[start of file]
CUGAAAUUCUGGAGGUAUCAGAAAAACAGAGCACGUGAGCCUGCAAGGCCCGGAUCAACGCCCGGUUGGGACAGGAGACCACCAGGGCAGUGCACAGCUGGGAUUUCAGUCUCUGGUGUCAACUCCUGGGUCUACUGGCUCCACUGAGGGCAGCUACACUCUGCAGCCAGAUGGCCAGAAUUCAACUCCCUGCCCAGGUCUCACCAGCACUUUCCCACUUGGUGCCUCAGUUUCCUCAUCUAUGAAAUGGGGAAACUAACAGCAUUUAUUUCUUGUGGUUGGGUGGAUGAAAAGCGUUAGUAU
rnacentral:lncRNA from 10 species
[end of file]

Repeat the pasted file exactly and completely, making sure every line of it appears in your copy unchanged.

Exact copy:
CUGAAAUUCUGGAGGUAUCAGAAAAACAGAGCACGUGAGCCUGCAAGGCCCGGAUCAACGCCCGGUUGGGACAGGAGACCACCAGGGCAGUGCACAGCUGGGAUUUCAGUCUCUGGUGUCAACUCCUGGGUCUACUGGCUCCACUGAGGGCAGCUACACUCUGCAGCCAGAUGGCCAGAAUUCAACUCCCUGCCCAGGUCUCACCAGCACUUUCCCACUUGGUGCCUCAGUUUCCUCAUCUAUGAAAUGGGGAAACUAACAGCAUUUAUUUCUUGUGGUUGGGUGGAUGAAAAGCGUUAGUAU
rnacentral:lncRNA from 10 species